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The Lumber Guy Set to Make Comeback Friday

With Grade 1 winner The Lumber Guy set to make his comeback in the restricted Chowder's First Stakes on Friday, trainer Michael Hushion admits he has mixed emotions.

 

"I'm nervous first, excited second," said Hushion, who conditions the homebred for Barry Schwartz.

 

The 6 ½-furlong race is for New York-breds 3-years-old and up who haven't won a stakes in 2013.

 

Last fall, The Lumber Guy won the Grade 1 Vosburgh Invitational at Belmont Park and was second by three-quarters of a length in the Grade 1 Breeders' Cup Sprint at Santa Anita. Following the Breeders' Cup, Schwartz left The Lumber Guy in California with Hall of Fame trainer Neil Drysdale, but the colt finished a non-threatening seventh in both the Grade 1 Malibu and Grade 2 San Carlos at Santa Anita.

 

The Lumber Guy was given time off following his pair of starts for Drysdale, returned to Hushion's barn in the spring, and has been on the worktab since July. Hushion said he was impressed with The Lumber Guy's physical development.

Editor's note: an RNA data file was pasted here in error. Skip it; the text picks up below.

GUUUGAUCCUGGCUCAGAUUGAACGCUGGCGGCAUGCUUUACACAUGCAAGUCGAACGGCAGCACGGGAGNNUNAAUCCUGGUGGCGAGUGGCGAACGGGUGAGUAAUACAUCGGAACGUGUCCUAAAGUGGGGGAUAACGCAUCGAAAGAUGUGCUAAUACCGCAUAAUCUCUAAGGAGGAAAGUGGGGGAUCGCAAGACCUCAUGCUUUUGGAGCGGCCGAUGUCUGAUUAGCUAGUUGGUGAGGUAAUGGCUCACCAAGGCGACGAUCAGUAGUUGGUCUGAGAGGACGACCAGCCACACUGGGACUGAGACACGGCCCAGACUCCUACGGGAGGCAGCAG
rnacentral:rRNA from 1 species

"There are a lot of positive vibes from him," said Hushion. "They did a good job bulking him up on the farm. He came here looking tremendous. I had been to the farm [about a week before he arrived at the track], and my jaw dropped. It looked like a stallion show."

 

Hushion said he planned to originally run B Shanny in the Chowder's First, but re-routed him to Leon Reed Memorial Handicap on August 17 at Finger Lakes so he wouldn't have to face The Lumber Guy. B Shanny won the Leon Reed by 4 ¼ lengths.

 

"You think you're going over there [to Finger Lakes] and [are going to win], but that doesn't always work," said Hushion. "Things unfolded like we wanted them to. The perfect race for him was going to be the [Chowder's First] for horses who have not won a sweepstakes, but we had to go to Plan B with B Shanny."

 

Hushion said Amberjack emerged from his runner-up performance behind Escapefromreality in Thursday's Albany Stakes in good shape. Had Amberjack had won the Albany, he would have swept the "Big Apple Triple" series and earned a $250,000 bonus.

 

"I have no complaints about what happened in the race," said Hushion. "[Jockey Junior] Alvarado did what he had to do. He didn't get in a speed duel and he made it a two-horse race at the top of the lane. It was smart riding. Unfortunately, we lost a two-horse race."

 

 

 

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